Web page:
Or, if you're like me and you hate flash, read the boring Miami Herald report:
[Romney] showed poise when a heckler attacked him for being a Mormon: "You, sir, you are a pretender. You do not know the Lord.''
The audience booed the heckler.
''One of the great things about this land is that we have people of different faiths and different religions, but we need to have a person of faith lead the country,'' he said, as the audience gave him a standing ovation.
Atrios rightly points out that there's a double-standard here. If someone made the statement, "I think we need a Protestant to lead the country," Catholics would (rightly) be up in arms. And if someone said, "I think we need an atheist to lead the country," well, I swannee: it'd be a regular riot. Yet apparently we can just shrug off the opposite case.
I'll leave it to legal scholars to dope out out the ramifications of a candidate apparently disregarding the constitutional requirement that there be "no religious test" for office. I think Romney's just stating an opinion, but what do I know?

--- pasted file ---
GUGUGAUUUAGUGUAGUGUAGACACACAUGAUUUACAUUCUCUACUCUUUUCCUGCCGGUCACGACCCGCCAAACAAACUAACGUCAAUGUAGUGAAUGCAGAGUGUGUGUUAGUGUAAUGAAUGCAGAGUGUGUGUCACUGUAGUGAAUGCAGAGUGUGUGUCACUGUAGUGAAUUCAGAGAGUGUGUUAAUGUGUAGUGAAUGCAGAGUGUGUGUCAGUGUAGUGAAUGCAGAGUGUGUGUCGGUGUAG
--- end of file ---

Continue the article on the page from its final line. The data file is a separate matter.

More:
Atheists have a legitimate beef with this kind of talk. It only serves to underscore how they are pushed to the margins of political discourse, if not excluded outright.
SPARTANBURG, S.C. - Republican presidential candidate John McCain, looking to improve his standing with the party's conservative voters, said Sunday the court decision that legalized abortion should be overturned.
"I do not support Roe versus Wade. It should be overturned," the Arizona senator told about 800 people in South Carolina, one of the early voting states.
McCain also vowed that if elected, he would appoint judges who "strictly interpret the Constitution of the United States and do not legislate from the bench."
As long as the route to the Republican nomination passes through a bidding war for the endorsement of the Religious Right, this is the dynamic we're going to see.